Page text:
Cover: The Failure of Freedom: A Portrait of Modern Japanese Intellectuals, from Harvard University PressCover: The Failure of Freedom in E-DITION

The Failure of Freedom

A Portrait of Modern Japanese Intellectuals

Available from De Gruyter »

Product Details


$65.00 • £54.95 • €60.00

ISBN 9780674280113

Publication Date: 01/01/1969

296 pages


Related Subjects

Harvard University Press has partnered with De Gruyter to make available for sale worldwide virtually all in-copyright HUP books that had become unavailable since their original publication. The 2,800 titles in the “e-ditions” program can be purchased individually as PDF eBooks or as hardcover reprint (“print-on-demand”) editions via the “Available from De Gruyter” link above. They are also available to institutions in ten separate subject-area packages that reflect the entire spectrum of the Press’s catalog. More about the E-ditions Program »

An excellent introduction to Japanese intellectual history in the first third of the twentieth century, this is a study of the intellectual atmosphere that made the development of a constitutional form of government difficult. As heirs to the Meiji Restoration, modern Japanese intellectuals were trapped by the historical paradox that modern Japan was born not so much of the victory of the new forces over the old, as of the skillful self-transformation of the old forces themselves. To reject parts of new Japanese society often meant to reject the whole of it.

Tatsuo Arima examines the period’s philosophical and religious writings and the main literary figures and groups and their works and theories about literature. He finds a widespread anticonstitutional mentality and relates it to the intellectuals’ political behavior. In particular, he analyzes the reasons why prewar Japanese intellectuals, who seemed to be so opposed to the rise of nationalism, took no socially effective action to prevent its emergence and subsequently became its victims.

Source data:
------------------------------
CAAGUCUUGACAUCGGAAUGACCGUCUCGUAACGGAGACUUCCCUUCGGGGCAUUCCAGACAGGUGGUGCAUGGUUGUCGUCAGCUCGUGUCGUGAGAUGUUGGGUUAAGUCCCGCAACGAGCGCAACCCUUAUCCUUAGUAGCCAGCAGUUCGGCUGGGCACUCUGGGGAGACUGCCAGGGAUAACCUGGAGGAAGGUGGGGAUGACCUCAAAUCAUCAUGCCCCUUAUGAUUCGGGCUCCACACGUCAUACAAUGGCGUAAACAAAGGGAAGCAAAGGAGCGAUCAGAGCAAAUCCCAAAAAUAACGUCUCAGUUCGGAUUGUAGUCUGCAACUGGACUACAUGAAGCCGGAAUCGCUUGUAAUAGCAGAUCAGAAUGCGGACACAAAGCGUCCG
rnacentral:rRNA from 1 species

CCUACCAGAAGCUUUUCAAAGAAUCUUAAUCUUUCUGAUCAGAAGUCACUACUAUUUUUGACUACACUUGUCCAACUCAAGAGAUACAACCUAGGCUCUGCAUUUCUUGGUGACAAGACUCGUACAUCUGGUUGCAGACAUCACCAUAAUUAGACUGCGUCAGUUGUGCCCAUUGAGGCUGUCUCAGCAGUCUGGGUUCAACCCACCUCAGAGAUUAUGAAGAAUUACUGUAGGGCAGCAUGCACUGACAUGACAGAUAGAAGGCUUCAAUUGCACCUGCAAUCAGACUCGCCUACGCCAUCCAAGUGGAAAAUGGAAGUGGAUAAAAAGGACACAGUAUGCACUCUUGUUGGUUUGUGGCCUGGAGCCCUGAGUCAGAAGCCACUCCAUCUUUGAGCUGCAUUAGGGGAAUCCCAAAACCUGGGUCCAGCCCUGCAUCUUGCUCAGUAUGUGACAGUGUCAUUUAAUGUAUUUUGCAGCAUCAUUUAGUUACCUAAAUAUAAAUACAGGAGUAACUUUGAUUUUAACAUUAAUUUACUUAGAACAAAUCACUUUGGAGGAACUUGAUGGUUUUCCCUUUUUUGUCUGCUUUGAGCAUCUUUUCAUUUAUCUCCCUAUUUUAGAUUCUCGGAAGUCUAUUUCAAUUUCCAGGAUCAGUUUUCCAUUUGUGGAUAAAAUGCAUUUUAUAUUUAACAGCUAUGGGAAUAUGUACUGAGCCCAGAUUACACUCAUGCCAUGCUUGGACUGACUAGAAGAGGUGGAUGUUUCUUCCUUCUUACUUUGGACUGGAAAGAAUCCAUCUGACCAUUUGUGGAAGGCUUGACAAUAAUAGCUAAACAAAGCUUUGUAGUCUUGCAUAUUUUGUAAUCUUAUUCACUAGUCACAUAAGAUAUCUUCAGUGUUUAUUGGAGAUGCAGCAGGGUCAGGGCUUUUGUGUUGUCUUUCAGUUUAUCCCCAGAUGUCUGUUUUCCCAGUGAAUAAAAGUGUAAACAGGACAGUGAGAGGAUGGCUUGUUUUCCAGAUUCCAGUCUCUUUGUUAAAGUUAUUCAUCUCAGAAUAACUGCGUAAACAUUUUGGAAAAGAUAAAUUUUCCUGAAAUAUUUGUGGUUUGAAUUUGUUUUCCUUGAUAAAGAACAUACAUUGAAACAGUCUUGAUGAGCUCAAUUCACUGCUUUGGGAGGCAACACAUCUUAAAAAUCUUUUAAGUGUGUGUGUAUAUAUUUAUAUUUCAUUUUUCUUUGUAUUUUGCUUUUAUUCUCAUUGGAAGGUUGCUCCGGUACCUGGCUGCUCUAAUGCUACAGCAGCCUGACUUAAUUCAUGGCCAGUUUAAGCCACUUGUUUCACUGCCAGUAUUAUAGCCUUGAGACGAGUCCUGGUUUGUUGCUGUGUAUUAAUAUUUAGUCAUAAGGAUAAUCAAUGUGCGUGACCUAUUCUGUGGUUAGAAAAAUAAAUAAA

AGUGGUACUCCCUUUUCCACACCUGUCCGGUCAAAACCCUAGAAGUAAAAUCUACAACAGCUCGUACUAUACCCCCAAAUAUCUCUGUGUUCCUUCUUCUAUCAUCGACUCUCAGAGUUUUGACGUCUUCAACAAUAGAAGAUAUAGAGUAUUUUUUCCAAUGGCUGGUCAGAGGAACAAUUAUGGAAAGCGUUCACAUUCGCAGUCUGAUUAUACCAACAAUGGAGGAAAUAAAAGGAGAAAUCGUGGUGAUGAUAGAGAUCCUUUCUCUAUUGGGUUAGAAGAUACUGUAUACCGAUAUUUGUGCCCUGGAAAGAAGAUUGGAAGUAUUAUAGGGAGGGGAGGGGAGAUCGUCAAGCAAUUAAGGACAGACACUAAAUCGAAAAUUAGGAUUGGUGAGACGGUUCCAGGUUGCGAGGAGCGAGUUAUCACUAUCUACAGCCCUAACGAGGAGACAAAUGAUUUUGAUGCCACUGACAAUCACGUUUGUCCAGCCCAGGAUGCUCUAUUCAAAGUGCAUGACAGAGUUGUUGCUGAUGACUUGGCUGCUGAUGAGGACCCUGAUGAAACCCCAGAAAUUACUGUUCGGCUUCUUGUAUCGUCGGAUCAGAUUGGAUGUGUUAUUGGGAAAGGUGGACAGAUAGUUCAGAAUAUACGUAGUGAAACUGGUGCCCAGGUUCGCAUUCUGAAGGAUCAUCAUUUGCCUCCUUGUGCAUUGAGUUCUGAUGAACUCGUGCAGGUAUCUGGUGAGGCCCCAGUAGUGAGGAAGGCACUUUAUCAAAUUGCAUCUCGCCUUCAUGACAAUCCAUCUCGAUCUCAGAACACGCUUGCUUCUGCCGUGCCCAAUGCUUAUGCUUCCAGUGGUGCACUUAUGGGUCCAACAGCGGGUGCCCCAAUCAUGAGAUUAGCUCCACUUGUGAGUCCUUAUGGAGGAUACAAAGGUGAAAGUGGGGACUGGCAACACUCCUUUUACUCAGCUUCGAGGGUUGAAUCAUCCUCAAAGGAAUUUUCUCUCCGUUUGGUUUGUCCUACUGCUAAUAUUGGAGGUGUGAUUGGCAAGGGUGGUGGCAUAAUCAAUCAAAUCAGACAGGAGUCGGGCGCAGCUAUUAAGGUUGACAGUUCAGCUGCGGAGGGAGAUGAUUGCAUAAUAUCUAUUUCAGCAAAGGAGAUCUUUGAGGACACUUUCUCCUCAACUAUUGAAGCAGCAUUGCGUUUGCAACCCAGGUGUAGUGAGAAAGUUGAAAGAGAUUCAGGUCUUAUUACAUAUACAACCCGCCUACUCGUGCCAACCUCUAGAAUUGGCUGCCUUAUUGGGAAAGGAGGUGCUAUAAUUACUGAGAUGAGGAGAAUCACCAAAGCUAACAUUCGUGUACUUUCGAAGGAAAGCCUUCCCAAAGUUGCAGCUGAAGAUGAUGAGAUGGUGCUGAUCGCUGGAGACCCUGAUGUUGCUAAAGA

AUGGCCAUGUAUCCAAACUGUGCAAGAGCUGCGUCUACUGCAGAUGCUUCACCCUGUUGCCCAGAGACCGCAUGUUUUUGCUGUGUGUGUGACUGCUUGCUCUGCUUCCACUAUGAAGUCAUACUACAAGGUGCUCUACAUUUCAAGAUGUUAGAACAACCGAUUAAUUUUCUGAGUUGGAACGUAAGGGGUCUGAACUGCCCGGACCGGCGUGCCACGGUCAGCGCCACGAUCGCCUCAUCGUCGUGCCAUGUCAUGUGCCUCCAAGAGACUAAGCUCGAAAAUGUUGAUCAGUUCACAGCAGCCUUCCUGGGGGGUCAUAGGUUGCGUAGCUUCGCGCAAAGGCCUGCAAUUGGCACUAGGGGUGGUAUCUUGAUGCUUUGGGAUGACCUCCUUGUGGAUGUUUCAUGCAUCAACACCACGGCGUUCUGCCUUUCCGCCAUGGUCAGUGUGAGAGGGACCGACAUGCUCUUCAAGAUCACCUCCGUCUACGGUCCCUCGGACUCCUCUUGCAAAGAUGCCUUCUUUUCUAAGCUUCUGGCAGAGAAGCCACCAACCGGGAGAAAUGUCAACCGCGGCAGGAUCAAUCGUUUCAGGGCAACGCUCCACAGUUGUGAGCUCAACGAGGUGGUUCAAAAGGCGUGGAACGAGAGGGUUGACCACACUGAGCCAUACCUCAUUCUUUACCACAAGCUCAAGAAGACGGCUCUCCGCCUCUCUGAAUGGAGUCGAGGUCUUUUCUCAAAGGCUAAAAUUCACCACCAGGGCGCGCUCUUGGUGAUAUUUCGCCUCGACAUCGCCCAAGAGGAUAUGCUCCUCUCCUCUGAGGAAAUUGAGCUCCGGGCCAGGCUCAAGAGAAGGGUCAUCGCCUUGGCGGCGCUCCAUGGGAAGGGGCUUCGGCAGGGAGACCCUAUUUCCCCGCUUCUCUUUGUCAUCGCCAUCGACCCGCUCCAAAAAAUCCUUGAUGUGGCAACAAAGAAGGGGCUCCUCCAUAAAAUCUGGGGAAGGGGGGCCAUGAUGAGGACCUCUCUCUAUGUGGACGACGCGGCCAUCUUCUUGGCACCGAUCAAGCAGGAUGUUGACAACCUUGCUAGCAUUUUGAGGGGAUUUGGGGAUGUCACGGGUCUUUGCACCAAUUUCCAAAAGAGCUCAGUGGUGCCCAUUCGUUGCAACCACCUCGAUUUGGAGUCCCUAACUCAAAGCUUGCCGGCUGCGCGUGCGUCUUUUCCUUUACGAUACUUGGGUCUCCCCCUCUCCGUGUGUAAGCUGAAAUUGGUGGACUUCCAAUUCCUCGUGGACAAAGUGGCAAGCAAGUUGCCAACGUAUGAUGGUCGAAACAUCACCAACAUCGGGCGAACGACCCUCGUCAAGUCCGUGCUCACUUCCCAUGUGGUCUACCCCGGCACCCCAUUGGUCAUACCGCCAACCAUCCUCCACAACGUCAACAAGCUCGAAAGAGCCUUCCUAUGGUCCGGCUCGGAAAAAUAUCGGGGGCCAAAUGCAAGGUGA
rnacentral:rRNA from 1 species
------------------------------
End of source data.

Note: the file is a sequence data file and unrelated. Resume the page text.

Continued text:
Recent News

Black lives matter. Black voices matter. A statement from HUP »

From Our Blog

Jacket: An Inquiry into Modes of Existence: An Anthropology of the Moderns, by Bruno Latour, translated by Catherine Porter, from Harvard University Press

Honoring Latour

In awarding Bruno Latour the 2021 Kyoto Prize for Arts and Philosophy, the Inamori Foundation said he has “revolutionized the conventional view of science” and “his philosophy re-examines ‘modernity’ based on the dualism of nature and society.” Below is an excerpt from An Inquiry into Modes of Existence: An Anthropology of the Moderns. For more than twenty years, scientific and technological controversies have proliferated in number and scope, eventually reaching the climate itself. Since geologists are beginning to use the term “Anthropocene” to designate the era of Earth’s history that follows the Holocene